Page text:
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Zimbabwe

The economic situation continues to decline with very little funds available for public expenditure and social services. As a result, the health sector faces numerous challenges, including shortages of medical supplies and essential medicines.

We run projects in partnership with the Zimbabwean Ministry of Health and Child Care (MoHCC), providing treatment for HIV, tuberculosis (TB), non-communicable diseases and mental health issues.

While HIV prevalence has decreased from 30 per cent in the early 2000s to 15 per cent today, there are still major gaps in services, such as the availability of routine viral load monitoring and second-line antiretroviral (ARV) treatment.

We also offer comprehensive sexual and reproductive healthcare services for adolescents in the urban district of Mbare, and support the health ministry to respond to disease outbreaks.

MSF teams are currently responding to the COVID-19 pandemic in Zimbabwe.

Our activities in 2020 in Zimbabwe

Data and information from the International Activity Report 2020.

MSF in Zimbabwe in 2020 In 2020, MSF continued to collaborate with the health ministry and other partners in Zimbabwe to deliver health services in rural areas and impoverished urban communities.
Zimbabwe Activities 2020

In Harare, the capital, MSF teams provided comprehensive, youth-friendly, sexual and reproductive health services to adolescents, in Mbare. We continued health promotion activities at the clinics and youth centres we support in Mbare. We also improved the provision of clean water to vulnerable communities in the city by rehabilitating and upgrading boreholes and drilling new ones.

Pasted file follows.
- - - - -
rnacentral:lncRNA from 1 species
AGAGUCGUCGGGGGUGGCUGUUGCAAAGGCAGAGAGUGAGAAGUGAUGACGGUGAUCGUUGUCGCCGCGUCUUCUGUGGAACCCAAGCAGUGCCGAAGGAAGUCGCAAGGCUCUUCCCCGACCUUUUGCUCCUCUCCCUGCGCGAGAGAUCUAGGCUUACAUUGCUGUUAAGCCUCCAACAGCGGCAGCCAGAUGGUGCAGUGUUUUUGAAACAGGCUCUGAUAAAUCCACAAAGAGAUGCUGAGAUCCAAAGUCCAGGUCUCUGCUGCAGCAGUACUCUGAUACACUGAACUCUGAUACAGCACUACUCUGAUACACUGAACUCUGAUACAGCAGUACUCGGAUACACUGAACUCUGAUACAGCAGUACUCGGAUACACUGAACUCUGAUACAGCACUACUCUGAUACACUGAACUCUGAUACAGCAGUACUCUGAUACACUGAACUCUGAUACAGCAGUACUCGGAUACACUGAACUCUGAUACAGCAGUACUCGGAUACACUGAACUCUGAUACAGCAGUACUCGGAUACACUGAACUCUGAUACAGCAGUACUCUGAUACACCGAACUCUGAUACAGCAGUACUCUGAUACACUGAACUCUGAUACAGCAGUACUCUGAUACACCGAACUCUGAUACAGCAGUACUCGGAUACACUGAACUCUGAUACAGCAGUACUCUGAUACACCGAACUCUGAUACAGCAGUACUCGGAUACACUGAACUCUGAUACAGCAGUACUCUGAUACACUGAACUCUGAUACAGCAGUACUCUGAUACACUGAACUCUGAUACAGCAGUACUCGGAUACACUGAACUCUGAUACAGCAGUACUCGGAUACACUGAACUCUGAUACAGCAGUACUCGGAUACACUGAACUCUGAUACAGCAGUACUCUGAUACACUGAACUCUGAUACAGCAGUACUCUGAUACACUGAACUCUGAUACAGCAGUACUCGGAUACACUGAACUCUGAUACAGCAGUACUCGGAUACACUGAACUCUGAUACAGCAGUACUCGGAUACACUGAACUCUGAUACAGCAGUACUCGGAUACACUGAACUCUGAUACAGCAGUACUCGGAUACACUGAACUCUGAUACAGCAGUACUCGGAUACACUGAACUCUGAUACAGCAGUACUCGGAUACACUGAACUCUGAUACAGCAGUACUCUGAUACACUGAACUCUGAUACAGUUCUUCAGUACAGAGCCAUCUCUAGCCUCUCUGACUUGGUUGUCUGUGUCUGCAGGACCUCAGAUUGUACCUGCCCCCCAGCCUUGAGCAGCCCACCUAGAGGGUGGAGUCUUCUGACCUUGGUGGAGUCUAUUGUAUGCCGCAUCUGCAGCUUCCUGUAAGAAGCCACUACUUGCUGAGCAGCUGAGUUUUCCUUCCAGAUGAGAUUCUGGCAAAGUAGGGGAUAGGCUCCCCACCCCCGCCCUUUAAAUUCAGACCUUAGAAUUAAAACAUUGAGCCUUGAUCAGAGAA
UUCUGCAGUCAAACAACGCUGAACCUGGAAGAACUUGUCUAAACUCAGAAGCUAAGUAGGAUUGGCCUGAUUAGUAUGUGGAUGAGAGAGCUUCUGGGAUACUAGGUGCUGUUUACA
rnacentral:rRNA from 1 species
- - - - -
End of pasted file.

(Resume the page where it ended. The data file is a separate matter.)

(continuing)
In Manicaland province, MSF supported the Ministry of Health and Child Care (MoHCC) to implement a nurse-led programme to scale up treatment of patients with hypertension and diabetes in rural clinics in Chipinge and Mutare. This project was handed over to the MoHCC in November 2020.

After nine years of offering treatment, care and support to communities in the Gutu district of Masvingo province, we handed over our HIV and cervical cancer project to the MoHCC and partners.  

In April, during the lockdown due to COVID-19 in, many people in need of care for chronic diseases across the country were unable to access their medicines. To address this, we ensured continuity of care through means including home visits to deliver refills for HIV and non-communicable disease medications.

As a key healthcare service provider at the Beitbridge border post in Matabeleland South, we supported the MoHCC and the Ministry of Labour and Social Welfare by implementing targeted interventions to reach migrants on the move across the border between Zimbabwe and South Africa. These activities included regular mobile outreach and provision of a comprehensive outpatient package that includes mental health support, prevention, screening and treatment.

 

in 2020
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